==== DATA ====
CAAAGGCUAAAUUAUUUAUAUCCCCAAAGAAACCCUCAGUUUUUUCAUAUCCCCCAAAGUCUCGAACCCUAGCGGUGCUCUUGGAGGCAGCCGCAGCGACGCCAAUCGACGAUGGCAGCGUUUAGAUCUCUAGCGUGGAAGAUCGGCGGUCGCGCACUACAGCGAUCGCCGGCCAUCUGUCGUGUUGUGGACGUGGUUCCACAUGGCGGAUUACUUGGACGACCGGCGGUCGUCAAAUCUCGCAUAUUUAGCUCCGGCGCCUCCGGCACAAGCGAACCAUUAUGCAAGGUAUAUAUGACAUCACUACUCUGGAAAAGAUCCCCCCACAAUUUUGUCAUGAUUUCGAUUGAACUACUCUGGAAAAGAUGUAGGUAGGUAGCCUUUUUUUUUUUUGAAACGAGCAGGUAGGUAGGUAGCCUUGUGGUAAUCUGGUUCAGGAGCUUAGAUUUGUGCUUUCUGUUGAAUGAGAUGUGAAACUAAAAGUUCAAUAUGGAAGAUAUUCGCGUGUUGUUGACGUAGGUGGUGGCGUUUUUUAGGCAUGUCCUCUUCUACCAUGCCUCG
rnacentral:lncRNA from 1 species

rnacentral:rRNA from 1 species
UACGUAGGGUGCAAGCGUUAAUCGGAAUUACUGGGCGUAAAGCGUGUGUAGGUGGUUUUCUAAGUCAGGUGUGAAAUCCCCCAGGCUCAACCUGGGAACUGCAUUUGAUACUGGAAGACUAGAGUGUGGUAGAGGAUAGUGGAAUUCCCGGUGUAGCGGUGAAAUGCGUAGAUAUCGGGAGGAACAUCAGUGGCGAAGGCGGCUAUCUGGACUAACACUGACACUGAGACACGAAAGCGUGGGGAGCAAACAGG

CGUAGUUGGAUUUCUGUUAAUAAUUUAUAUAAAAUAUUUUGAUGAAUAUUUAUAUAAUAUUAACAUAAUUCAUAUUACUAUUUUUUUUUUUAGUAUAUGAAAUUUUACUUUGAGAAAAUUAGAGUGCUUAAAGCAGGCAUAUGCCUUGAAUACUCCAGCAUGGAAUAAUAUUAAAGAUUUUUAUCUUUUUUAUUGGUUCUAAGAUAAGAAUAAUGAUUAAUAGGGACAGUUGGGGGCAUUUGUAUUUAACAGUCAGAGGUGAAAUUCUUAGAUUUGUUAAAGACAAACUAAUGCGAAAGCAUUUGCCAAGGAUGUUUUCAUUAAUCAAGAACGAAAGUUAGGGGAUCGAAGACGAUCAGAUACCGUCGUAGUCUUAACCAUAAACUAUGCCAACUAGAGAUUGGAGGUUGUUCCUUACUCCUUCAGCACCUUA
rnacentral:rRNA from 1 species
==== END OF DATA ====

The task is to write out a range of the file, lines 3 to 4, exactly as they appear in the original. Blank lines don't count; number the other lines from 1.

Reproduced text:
rnacentral:rRNA from 1 species
UACGUAGGGUGCAAGCGUUAAUCGGAAUUACUGGGCGUAAAGCGUGUGUAGGUGGUUUUCUAAGUCAGGUGUGAAAUCCCCCAGGCUCAACCUGGGAACUGCAUUUGAUACUGGAAGACUAGAGUGUGGUAGAGGAUAGUGGAAUUCCCGGUGUAGCGGUGAAAUGCGUAGAUAUCGGGAGGAACAUCAGUGGCGAAGGCGGCUAUCUGGACUAACACUGACACUGAGACACGAAAGCGUGGGGAGCAAACAGG